שמע ישראל ה’ אלוהינו ה’ אחד
“Hear, O Israel, the Lord is our God, the Lord is One”
The first line of the Shema is often considered to be the cornerstone of Jewish faith. These words are repeated throughout our weekday and Shabbat liturgies. They are the first words that cross many Jewish lips every morning and the last words they utter before falling asleep each night. Indeed, the first line of the Shemamay be the most ubiquitous and well-known prayer in Judaism, even among the wealth of Jews who have no regular prayer practice, Jewish literacy, or religious commitment to the tradition.
The widespread familiarity with these words and their centrality in Jewish liturgy has the potential to be deceiving. The reality that most Jews know and can comfortably recite the phrase “Hear, O Israel, the Lord is our God, the Lord is One” provides little to no insight into what Jews believe about God. Symbolically, this phrase may be an affirmation of Israel as a monotheistic people. Nonetheless, each individual who recites these words is part of a tradition with immense theological diversity and an abundance of divergent ways of understanding and relating to the Divine. The fact that there is no one Jewish way to understand the word “God” complicates the notion that the Shemais a foundational Jewish dogma.
Is the One God of Israel the God of the Bible, a God who offers commandments and speaks directly to the people of Israel? Or is this the God of Maimonides, an ineffable eternal truth completely transcendent and beyond human understanding? Is this the God of Martin Buber, whom we encounter and by whom we are shaped in a deeply personal way? Is this a God of vengeance and destruction or a God of justice, mercy, and compassion? Is this a living God? Or is this God a symbolic projection of humanity’s greatest hopes and fears?
The nature of God is something we rarely discuss as a Jewish community. Ironically, the first Jewish community I ever encountered that brings conversations about God openly to the fore is a humanist congregation: Congregation Beth Adam. Congregation Beth Adam operates under the motto “We say what we mean, and we mean what we say.” As a community, they decided to break away from both the traditional liturgy and liturgies found more commonly in liberal synagogues. Instead, the congregation wrote its own liturgy which does not include the Shema or any other mention of God. One significant factor that provoked the community to write its own liturgy was that people felt they could not stay true to their motto if they were reciting the God language found in other Jewish liturgies.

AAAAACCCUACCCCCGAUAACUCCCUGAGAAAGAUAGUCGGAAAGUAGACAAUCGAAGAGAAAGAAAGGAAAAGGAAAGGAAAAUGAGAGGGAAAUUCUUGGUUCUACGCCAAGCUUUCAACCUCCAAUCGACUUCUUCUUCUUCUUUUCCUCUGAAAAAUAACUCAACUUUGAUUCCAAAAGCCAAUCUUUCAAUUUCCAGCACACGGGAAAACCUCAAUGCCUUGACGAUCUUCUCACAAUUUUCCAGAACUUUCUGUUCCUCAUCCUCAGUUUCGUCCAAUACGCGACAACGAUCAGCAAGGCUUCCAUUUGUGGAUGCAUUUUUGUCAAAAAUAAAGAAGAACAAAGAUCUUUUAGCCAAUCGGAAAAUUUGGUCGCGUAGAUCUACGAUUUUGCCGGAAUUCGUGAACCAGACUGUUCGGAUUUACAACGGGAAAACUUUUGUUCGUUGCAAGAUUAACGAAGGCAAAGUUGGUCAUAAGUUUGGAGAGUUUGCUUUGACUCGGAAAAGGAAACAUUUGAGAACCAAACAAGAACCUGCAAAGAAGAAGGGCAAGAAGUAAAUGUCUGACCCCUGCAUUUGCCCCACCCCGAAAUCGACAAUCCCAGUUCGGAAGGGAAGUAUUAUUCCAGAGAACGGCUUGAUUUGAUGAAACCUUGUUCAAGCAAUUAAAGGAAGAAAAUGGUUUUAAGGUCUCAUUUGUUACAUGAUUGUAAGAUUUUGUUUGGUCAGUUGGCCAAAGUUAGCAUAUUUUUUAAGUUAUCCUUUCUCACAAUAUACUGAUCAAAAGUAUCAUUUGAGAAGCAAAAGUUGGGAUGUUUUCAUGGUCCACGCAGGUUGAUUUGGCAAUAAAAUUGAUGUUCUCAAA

In deciding to say what they mean and mean what they say, the community has committed to open dialogue about what they believe. As the congregants study, pray, and move through life together, they wrestle with how they understand truth and how they personally relate to or derive meaning from a concept of God, if at all. Some congregants identify as atheists, but the community has a broad range of theological diversity. Moreover, regardless of where people stand on the theological spectrum, nobody is free of the challenge of engaging in critical thinking and value-based conversations about how their beliefs inform their ethics.
After a year of working at Congregation Beth Adam, I missed the Shema and many other elements of more normative Jewish liturgies. However, in their absence, I was challenged to articulate my beliefs and sincerely grapple with the ethical implications of my theology. Moreover, I was able to explore how transformative open conversations about theology can be for a community. Not only did these conversations foster a sense of community, but they also helped individuals in their personal spiritual development and encouraged ethical action. These skills also helped parents identify and debunk harmful theologies their children were encountering in their secular lives, as well as help their children pursue their own understandings of God. Likewise, the focus on talking about God in religious school helped instill the children with ethical values and critical thinking skills.
At Congregation Beth Adam I saw how a unique liturgy and a humanist bent opened the community to meaningful theological dialogue. Nevertheless, I do not believe that all Jews need a radical break with traditional liturgy to engage in this type of dialogue. Ultimately, it matters less how the conversations are being provoked. Each prayer, biblical narrative, and lived experience has the potential to propel us deeper into engagement with our beliefs. What matters is that we commit to reflecting and grappling with God until we can all say what we mean and mean what we say.
Isaama Stoll has just completed her fourth year at HUC-JIR. This year she served as a TJF fellow at Congregation Beth Adam in Cincinnati, Ohio.